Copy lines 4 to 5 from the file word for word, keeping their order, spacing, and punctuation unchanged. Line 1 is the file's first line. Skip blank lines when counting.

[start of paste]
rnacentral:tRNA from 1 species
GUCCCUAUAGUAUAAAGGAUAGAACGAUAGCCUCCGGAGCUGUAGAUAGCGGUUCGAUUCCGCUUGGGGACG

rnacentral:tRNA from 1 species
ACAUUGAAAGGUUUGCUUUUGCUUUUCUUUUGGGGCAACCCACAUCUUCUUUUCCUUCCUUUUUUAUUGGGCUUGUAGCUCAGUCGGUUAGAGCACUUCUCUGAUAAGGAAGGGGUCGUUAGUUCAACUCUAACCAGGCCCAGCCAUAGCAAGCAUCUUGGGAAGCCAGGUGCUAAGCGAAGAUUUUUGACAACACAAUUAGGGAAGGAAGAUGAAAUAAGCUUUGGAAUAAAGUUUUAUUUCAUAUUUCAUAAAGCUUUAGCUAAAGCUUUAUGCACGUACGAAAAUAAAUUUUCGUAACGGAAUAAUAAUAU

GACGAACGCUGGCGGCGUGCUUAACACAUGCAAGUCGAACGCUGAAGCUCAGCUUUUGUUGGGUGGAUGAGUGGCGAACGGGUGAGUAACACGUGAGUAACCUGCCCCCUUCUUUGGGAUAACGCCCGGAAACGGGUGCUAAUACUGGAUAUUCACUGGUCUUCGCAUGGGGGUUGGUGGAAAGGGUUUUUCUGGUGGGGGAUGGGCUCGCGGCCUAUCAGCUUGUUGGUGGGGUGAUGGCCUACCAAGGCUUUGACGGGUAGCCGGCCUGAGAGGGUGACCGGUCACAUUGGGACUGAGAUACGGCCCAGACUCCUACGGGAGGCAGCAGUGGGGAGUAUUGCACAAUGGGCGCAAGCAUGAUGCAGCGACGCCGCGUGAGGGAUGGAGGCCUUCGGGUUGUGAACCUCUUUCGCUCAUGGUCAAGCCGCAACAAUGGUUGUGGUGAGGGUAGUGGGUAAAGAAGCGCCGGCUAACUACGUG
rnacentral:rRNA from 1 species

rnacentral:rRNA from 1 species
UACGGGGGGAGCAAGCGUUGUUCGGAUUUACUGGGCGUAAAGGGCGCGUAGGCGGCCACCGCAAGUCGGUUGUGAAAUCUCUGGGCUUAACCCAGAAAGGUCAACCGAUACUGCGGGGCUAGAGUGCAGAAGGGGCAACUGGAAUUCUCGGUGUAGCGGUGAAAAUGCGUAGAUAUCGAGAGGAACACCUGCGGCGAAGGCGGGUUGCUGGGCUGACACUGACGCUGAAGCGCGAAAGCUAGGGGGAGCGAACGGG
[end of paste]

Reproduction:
ACAUUGAAAGGUUUGCUUUUGCUUUUCUUUUGGGGCAACCCACAUCUUCUUUUCCUUCCUUUUUUAUUGGGCUUGUAGCUCAGUCGGUUAGAGCACUUCUCUGAUAAGGAAGGGGUCGUUAGUUCAACUCUAACCAGGCCCAGCCAUAGCAAGCAUCUUGGGAAGCCAGGUGCUAAGCGAAGAUUUUUGACAACACAAUUAGGGAAGGAAGAUGAAAUAAGCUUUGGAAUAAAGUUUUAUUUCAUAUUUCAUAAAGCUUUAGCUAAAGCUUUAUGCACGUACGAAAAUAAAUUUUCGUAACGGAAUAAUAAUAU

GACGAACGCUGGCGGCGUGCUUAACACAUGCAAGUCGAACGCUGAAGCUCAGCUUUUGUUGGGUGGAUGAGUGGCGAACGGGUGAGUAACACGUGAGUAACCUGCCCCCUUCUUUGGGAUAACGCCCGGAAACGGGUGCUAAUACUGGAUAUUCACUGGUCUUCGCAUGGGGGUUGGUGGAAAGGGUUUUUCUGGUGGGGGAUGGGCUCGCGGCCUAUCAGCUUGUUGGUGGGGUGAUGGCCUACCAAGGCUUUGACGGGUAGCCGGCCUGAGAGGGUGACCGGUCACAUUGGGACUGAGAUACGGCCCAGACUCCUACGGGAGGCAGCAGUGGGGAGUAUUGCACAAUGGGCGCAAGCAUGAUGCAGCGACGCCGCGUGAGGGAUGGAGGCCUUCGGGUUGUGAACCUCUUUCGCUCAUGGUCAAGCCGCAACAAUGGUUGUGGUGAGGGUAGUGGGUAAAGAAGCGCCGGCUAACUACGUG